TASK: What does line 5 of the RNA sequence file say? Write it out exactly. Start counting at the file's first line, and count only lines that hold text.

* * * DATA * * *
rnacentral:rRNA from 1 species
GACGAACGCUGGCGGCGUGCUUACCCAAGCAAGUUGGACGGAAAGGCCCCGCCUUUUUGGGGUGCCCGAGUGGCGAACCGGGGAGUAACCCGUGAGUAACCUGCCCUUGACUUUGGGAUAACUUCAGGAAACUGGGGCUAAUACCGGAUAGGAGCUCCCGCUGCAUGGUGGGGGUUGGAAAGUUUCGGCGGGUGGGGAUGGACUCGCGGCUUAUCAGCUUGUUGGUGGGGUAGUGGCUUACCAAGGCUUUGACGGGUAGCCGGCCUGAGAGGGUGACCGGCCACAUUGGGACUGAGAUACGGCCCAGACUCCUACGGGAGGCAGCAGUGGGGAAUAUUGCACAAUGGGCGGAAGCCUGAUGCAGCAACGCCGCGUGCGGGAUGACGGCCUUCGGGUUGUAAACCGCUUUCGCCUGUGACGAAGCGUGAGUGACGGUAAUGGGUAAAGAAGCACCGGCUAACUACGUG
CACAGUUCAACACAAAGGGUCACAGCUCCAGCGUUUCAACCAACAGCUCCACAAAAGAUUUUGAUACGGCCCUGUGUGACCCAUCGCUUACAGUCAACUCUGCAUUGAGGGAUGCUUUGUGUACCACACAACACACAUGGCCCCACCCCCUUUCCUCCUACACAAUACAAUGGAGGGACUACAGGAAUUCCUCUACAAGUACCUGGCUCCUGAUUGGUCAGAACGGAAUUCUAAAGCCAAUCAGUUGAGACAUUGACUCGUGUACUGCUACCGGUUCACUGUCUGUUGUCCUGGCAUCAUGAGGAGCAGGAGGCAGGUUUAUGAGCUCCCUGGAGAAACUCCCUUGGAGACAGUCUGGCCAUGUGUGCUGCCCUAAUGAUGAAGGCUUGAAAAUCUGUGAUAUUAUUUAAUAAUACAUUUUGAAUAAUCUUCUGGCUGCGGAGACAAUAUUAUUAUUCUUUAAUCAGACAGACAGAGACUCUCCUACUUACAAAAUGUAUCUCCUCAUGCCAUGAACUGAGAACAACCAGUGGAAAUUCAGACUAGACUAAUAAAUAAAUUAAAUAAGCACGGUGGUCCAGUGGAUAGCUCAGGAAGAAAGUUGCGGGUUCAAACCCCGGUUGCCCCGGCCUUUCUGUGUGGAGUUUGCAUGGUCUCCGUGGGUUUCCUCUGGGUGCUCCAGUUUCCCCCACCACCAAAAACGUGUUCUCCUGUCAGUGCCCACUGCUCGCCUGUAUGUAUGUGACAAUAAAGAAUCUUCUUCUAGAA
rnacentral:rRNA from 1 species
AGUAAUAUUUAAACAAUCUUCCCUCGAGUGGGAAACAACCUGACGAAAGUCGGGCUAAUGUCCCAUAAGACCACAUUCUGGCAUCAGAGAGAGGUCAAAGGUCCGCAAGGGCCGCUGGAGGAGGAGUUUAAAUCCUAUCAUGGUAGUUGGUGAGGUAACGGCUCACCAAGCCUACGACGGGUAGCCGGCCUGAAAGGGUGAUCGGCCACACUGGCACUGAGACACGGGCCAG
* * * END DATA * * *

AGUAAUAUUUAAACAAUCUUCCCUCGAGUGGGAAACAACCUGACGAAAGUCGGGCUAAUGUCCCAUAAGACCACAUUCUGGCAUCAGAGAGAGGUCAAAGGUCCGCAAGGGCCGCUGGAGGAGGAGUUUAAAUCCUAUCAUGGUAGUUGGUGAGGUAACGGCUCACCAAGCCUACGACGGGUAGCCGGCCUGAAAGGGUGAUCGGCCACACUGGCACUGAGACACGGGCCAG